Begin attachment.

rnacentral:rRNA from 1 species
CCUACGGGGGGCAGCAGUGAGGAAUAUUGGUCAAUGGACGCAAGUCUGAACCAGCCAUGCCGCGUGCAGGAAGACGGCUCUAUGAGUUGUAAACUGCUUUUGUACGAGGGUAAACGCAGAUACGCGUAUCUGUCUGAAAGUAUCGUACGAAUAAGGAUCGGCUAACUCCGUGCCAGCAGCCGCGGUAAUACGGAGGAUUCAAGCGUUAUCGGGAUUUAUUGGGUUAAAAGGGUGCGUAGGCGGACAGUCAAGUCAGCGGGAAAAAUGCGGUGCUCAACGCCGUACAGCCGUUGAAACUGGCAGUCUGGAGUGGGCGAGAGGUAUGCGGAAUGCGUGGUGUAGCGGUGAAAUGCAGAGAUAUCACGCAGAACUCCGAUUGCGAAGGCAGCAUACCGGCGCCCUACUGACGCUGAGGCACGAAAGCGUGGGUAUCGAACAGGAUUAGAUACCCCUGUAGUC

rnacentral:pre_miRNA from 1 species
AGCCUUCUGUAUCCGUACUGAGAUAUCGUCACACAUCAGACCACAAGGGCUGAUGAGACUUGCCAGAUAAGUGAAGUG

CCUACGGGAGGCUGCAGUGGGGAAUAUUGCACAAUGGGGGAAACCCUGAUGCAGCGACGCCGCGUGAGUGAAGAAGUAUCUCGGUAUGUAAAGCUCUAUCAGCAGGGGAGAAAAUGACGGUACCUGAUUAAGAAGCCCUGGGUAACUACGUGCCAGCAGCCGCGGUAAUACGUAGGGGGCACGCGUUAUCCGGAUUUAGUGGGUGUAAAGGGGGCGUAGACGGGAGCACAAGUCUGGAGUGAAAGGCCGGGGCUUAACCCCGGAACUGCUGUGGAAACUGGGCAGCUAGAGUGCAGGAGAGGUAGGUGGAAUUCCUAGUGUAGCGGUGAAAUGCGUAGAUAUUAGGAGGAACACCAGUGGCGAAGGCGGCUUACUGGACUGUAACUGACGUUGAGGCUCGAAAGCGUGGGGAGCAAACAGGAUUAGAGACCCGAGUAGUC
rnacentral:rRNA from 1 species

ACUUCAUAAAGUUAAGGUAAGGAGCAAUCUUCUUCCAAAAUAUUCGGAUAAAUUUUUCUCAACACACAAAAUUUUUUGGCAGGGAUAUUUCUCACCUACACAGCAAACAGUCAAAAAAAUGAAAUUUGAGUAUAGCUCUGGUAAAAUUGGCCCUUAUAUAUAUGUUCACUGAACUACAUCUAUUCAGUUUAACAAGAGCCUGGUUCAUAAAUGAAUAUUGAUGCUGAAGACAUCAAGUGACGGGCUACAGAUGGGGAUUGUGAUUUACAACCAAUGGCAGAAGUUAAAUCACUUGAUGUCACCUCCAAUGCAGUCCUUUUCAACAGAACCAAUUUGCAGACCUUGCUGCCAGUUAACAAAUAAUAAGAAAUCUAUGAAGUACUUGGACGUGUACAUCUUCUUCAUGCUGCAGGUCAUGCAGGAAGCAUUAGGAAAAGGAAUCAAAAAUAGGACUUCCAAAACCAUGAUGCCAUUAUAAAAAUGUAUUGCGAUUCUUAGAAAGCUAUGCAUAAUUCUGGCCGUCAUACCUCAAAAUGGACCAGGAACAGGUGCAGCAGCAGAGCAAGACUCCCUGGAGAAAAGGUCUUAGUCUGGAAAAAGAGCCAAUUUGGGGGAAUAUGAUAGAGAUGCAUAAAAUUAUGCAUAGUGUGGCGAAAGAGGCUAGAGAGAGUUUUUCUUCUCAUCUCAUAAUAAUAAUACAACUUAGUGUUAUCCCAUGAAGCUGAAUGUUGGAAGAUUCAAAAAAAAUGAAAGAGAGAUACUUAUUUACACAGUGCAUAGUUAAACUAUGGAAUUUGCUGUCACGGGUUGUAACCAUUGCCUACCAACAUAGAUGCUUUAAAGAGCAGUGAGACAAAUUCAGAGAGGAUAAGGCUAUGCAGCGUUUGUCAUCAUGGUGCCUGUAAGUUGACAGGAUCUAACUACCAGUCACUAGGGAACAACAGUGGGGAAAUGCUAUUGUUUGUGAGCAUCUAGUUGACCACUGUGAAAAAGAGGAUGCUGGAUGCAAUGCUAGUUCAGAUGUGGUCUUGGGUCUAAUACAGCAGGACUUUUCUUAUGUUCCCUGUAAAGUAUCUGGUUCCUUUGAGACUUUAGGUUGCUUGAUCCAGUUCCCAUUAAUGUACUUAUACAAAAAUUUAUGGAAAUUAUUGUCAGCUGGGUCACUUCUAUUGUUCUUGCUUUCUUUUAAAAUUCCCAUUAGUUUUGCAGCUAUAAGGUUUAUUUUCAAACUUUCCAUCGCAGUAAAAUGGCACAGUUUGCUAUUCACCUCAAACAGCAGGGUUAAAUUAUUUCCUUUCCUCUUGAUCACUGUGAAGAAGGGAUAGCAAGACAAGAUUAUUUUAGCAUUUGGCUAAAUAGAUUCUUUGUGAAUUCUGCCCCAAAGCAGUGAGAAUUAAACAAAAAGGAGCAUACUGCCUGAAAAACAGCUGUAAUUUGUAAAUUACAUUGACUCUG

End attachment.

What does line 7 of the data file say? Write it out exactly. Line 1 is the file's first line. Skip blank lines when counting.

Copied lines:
ACUUCAUAAAGUUAAGGUAAGGAGCAAUCUUCUUCCAAAAUAUUCGGAUAAAUUUUUCUCAACACACAAAAUUUUUUGGCAGGGAUAUUUCUCACCUACACAGCAAACAGUCAAAAAAAUGAAAUUUGAGUAUAGCUCUGGUAAAAUUGGCCCUUAUAUAUAUGUUCACUGAACUACAUCUAUUCAGUUUAACAAGAGCCUGGUUCAUAAAUGAAUAUUGAUGCUGAAGACAUCAAGUGACGGGCUACAGAUGGGGAUUGUGAUUUACAACCAAUGGCAGAAGUUAAAUCACUUGAUGUCACCUCCAAUGCAGUCCUUUUCAACAGAACCAAUUUGCAGACCUUGCUGCCAGUUAACAAAUAAUAAGAAAUCUAUGAAGUACUUGGACGUGUACAUCUUCUUCAUGCUGCAGGUCAUGCAGGAAGCAUUAGGAAAAGGAAUCAAAAAUAGGACUUCCAAAACCAUGAUGCCAUUAUAAAAAUGUAUUGCGAUUCUUAGAAAGCUAUGCAUAAUUCUGGCCGUCAUACCUCAAAAUGGACCAGGAACAGGUGCAGCAGCAGAGCAAGACUCCCUGGAGAAAAGGUCUUAGUCUGGAAAAAGAGCCAAUUUGGGGGAAUAUGAUAGAGAUGCAUAAAAUUAUGCAUAGUGUGGCGAAAGAGGCUAGAGAGAGUUUUUCUUCUCAUCUCAUAAUAAUAAUACAACUUAGUGUUAUCCCAUGAAGCUGAAUGUUGGAAGAUUCAAAAAAAAUGAAAGAGAGAUACUUAUUUACACAGUGCAUAGUUAAACUAUGGAAUUUGCUGUCACGGGUUGUAACCAUUGCCUACCAACAUAGAUGCUUUAAAGAGCAGUGAGACAAAUUCAGAGAGGAUAAGGCUAUGCAGCGUUUGUCAUCAUGGUGCCUGUAAGUUGACAGGAUCUAACUACCAGUCACUAGGGAACAACAGUGGGGAAAUGCUAUUGUUUGUGAGCAUCUAGUUGACCACUGUGAAAAAGAGGAUGCUGGAUGCAAUGCUAGUUCAGAUGUGGUCUUGGGUCUAAUACAGCAGGACUUUUCUUAUGUUCCCUGUAAAGUAUCUGGUUCCUUUGAGACUUUAGGUUGCUUGAUCCAGUUCCCAUUAAUGUACUUAUACAAAAAUUUAUGGAAAUUAUUGUCAGCUGGGUCACUUCUAUUGUUCUUGCUUUCUUUUAAAAUUCCCAUUAGUUUUGCAGCUAUAAGGUUUAUUUUCAAACUUUCCAUCGCAGUAAAAUGGCACAGUUUGCUAUUCACCUCAAACAGCAGGGUUAAAUUAUUUCCUUUCCUCUUGAUCACUGUGAAGAAGGGAUAGCAAGACAAGAUUAUUUUAGCAUUUGGCUAAAUAGAUUCUUUGUGAAUUCUGCCCCAAAGCAGUGAGAAUUAAACAAAAAGGAGCAUACUGCCUGAAAAACAGCUGUAAUUUGUAAAUUACAUUGACUCUG